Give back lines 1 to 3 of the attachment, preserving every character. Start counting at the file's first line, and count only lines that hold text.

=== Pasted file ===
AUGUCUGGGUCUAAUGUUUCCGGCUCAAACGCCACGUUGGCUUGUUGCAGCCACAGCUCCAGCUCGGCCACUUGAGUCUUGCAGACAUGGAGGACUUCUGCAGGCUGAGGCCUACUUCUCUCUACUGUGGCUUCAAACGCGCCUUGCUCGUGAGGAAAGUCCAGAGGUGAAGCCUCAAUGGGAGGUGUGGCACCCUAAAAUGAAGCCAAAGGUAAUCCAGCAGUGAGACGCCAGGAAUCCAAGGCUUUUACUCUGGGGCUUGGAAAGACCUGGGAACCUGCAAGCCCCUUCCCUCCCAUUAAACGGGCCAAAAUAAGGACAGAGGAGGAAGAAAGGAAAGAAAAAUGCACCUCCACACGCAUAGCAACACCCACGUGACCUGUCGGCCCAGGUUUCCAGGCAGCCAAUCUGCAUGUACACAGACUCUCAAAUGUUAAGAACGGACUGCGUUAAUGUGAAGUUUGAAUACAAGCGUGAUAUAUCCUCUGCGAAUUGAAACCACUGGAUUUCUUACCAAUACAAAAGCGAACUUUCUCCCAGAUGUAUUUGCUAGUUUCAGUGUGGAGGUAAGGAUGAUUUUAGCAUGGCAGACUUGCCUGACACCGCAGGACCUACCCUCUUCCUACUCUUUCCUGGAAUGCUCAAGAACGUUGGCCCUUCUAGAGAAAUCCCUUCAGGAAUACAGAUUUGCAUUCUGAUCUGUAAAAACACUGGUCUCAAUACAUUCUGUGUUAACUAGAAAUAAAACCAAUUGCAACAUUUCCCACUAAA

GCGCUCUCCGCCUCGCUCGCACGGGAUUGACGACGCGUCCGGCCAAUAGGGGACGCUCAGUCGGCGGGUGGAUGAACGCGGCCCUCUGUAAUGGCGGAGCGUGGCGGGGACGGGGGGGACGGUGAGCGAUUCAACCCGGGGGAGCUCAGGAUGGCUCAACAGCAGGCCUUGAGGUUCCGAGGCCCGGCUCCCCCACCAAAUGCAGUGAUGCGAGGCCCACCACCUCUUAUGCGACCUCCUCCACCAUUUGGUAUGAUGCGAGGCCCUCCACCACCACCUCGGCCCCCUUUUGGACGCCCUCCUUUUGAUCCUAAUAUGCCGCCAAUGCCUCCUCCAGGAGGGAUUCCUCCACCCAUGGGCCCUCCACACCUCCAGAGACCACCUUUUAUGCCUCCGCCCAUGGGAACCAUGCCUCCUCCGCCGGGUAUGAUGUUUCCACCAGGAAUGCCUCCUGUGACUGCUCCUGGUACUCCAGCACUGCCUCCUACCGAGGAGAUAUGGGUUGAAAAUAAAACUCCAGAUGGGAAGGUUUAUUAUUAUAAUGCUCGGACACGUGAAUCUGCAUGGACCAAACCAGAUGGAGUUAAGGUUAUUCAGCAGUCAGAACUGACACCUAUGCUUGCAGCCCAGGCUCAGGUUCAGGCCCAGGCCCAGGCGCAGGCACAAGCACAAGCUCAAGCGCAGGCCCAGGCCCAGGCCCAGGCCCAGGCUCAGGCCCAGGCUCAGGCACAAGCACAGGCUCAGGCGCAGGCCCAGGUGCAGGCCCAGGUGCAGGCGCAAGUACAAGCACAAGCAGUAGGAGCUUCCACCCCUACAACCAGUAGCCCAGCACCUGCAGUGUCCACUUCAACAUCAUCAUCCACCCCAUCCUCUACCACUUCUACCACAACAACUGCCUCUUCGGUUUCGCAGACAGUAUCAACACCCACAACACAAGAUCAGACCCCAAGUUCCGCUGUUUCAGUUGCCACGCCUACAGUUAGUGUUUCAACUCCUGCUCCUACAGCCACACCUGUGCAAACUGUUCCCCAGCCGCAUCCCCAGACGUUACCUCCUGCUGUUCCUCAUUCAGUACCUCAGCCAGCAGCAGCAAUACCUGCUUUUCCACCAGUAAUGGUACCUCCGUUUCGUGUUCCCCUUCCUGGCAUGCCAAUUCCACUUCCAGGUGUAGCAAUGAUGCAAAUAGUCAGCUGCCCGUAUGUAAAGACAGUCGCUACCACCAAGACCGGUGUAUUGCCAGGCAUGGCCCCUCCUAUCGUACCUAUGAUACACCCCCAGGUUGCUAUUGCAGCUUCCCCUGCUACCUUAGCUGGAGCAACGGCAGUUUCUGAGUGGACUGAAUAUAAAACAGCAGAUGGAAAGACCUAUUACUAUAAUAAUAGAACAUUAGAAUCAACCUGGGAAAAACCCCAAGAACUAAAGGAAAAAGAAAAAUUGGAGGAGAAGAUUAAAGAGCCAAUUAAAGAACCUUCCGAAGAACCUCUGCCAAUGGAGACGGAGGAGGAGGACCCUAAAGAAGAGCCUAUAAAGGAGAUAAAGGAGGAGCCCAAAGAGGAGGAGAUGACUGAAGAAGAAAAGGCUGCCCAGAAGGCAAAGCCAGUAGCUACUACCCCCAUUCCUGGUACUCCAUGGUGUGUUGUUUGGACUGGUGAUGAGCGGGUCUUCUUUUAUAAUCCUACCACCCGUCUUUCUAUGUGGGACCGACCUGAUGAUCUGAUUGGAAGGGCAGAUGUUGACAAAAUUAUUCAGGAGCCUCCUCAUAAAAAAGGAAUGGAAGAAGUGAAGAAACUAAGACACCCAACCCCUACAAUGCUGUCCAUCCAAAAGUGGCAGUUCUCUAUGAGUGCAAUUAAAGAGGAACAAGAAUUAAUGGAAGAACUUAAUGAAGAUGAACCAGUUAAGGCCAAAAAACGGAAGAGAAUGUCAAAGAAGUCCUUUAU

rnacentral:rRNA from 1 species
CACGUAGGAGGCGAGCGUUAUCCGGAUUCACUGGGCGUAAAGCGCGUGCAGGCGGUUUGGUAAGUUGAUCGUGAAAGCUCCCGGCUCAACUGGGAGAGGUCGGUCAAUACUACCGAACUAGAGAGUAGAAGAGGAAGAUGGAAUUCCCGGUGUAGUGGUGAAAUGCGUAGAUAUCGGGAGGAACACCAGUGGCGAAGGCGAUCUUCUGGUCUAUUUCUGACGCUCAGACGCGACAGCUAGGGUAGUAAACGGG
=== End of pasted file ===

AUGUCUGGGUCUAAUGUUUCCGGCUCAAACGCCACGUUGGCUUGUUGCAGCCACAGCUCCAGCUCGGCCACUUGAGUCUUGCAGACAUGGAGGACUUCUGCAGGCUGAGGCCUACUUCUCUCUACUGUGGCUUCAAACGCGCCUUGCUCGUGAGGAAAGUCCAGAGGUGAAGCCUCAAUGGGAGGUGUGGCACCCUAAAAUGAAGCCAAAGGUAAUCCAGCAGUGAGACGCCAGGAAUCCAAGGCUUUUACUCUGGGGCUUGGAAAGACCUGGGAACCUGCAAGCCCCUUCCCUCCCAUUAAACGGGCCAAAAUAAGGACAGAGGAGGAAGAAAGGAAAGAAAAAUGCACCUCCACACGCAUAGCAACACCCACGUGACCUGUCGGCCCAGGUUUCCAGGCAGCCAAUCUGCAUGUACACAGACUCUCAAAUGUUAAGAACGGACUGCGUUAAUGUGAAGUUUGAAUACAAGCGUGAUAUAUCCUCUGCGAAUUGAAACCACUGGAUUUCUUACCAAUACAAAAGCGAACUUUCUCCCAGAUGUAUUUGCUAGUUUCAGUGUGGAGGUAAGGAUGAUUUUAGCAUGGCAGACUUGCCUGACACCGCAGGACCUACCCUCUUCCUACUCUUUCCUGGAAUGCUCAAGAACGUUGGCCCUUCUAGAGAAAUCCCUUCAGGAAUACAGAUUUGCAUUCUGAUCUGUAAAAACACUGGUCUCAAUACAUUCUGUGUUAACUAGAAAUAAAACCAAUUGCAACAUUUCCCACUAAA

GCGCUCUCCGCCUCGCUCGCACGGGAUUGACGACGCGUCCGGCCAAUAGGGGACGCUCAGUCGGCGGGUGGAUGAACGCGGCCCUCUGUAAUGGCGGAGCGUGGCGGGGACGGGGGGGACGGUGAGCGAUUCAACCCGGGGGAGCUCAGGAUGGCUCAACAGCAGGCCUUGAGGUUCCGAGGCCCGGCUCCCCCACCAAAUGCAGUGAUGCGAGGCCCACCACCUCUUAUGCGACCUCCUCCACCAUUUGGUAUGAUGCGAGGCCCUCCACCACCACCUCGGCCCCCUUUUGGACGCCCUCCUUUUGAUCCUAAUAUGCCGCCAAUGCCUCCUCCAGGAGGGAUUCCUCCACCCAUGGGCCCUCCACACCUCCAGAGACCACCUUUUAUGCCUCCGCCCAUGGGAACCAUGCCUCCUCCGCCGGGUAUGAUGUUUCCACCAGGAAUGCCUCCUGUGACUGCUCCUGGUACUCCAGCACUGCCUCCUACCGAGGAGAUAUGGGUUGAAAAUAAAACUCCAGAUGGGAAGGUUUAUUAUUAUAAUGCUCGGACACGUGAAUCUGCAUGGACCAAACCAGAUGGAGUUAAGGUUAUUCAGCAGUCAGAACUGACACCUAUGCUUGCAGCCCAGGCUCAGGUUCAGGCCCAGGCCCAGGCGCAGGCACAAGCACAAGCUCAAGCGCAGGCCCAGGCCCAGGCCCAGGCCCAGGCUCAGGCCCAGGCUCAGGCACAAGCACAGGCUCAGGCGCAGGCCCAGGUGCAGGCCCAGGUGCAGGCGCAAGUACAAGCACAAGCAGUAGGAGCUUCCACCCCUACAACCAGUAGCCCAGCACCUGCAGUGUCCACUUCAACAUCAUCAUCCACCCCAUCCUCUACCACUUCUACCACAACAACUGCCUCUUCGGUUUCGCAGACAGUAUCAACACCCACAACACAAGAUCAGACCCCAAGUUCCGCUGUUUCAGUUGCCACGCCUACAGUUAGUGUUUCAACUCCUGCUCCUACAGCCACACCUGUGCAAACUGUUCCCCAGCCGCAUCCCCAGACGUUACCUCCUGCUGUUCCUCAUUCAGUACCUCAGCCAGCAGCAGCAAUACCUGCUUUUCCACCAGUAAUGGUACCUCCGUUUCGUGUUCCCCUUCCUGGCAUGCCAAUUCCACUUCCAGGUGUAGCAAUGAUGCAAAUAGUCAGCUGCCCGUAUGUAAAGACAGUCGCUACCACCAAGACCGGUGUAUUGCCAGGCAUGGCCCCUCCUAUCGUACCUAUGAUACACCCCCAGGUUGCUAUUGCAGCUUCCCCUGCUACCUUAGCUGGAGCAACGGCAGUUUCUGAGUGGACUGAAUAUAAAACAGCAGAUGGAAAGACCUAUUACUAUAAUAAUAGAACAUUAGAAUCAACCUGGGAAAAACCCCAAGAACUAAAGGAAAAAGAAAAAUUGGAGGAGAAGAUUAAAGAGCCAAUUAAAGAACCUUCCGAAGAACCUCUGCCAAUGGAGACGGAGGAGGAGGACCCUAAAGAAGAGCCUAUAAAGGAGAUAAAGGAGGAGCCCAAAGAGGAGGAGAUGACUGAAGAAGAAAAGGCUGCCCAGAAGGCAAAGCCAGUAGCUACUACCCCCAUUCCUGGUACUCCAUGGUGUGUUGUUUGGACUGGUGAUGAGCGGGUCUUCUUUUAUAAUCCUACCACCCGUCUUUCUAUGUGGGACCGACCUGAUGAUCUGAUUGGAAGGGCAGAUGUUGACAAAAUUAUUCAGGAGCCUCCUCAUAAAAAAGGAAUGGAAGAAGUGAAGAAACUAAGACACCCAACCCCUACAAUGCUGUCCAUCCAAAAGUGGCAGUUCUCUAUGAGUGCAAUUAAAGAGGAACAAGAAUUAAUGGAAGAACUUAAUGAAGAUGAACCAGUUAAGGCCAAAAAACGGAAGAGAAUGUCAAAGAAGUCCUUUAU

rnacentral:rRNA from 1 species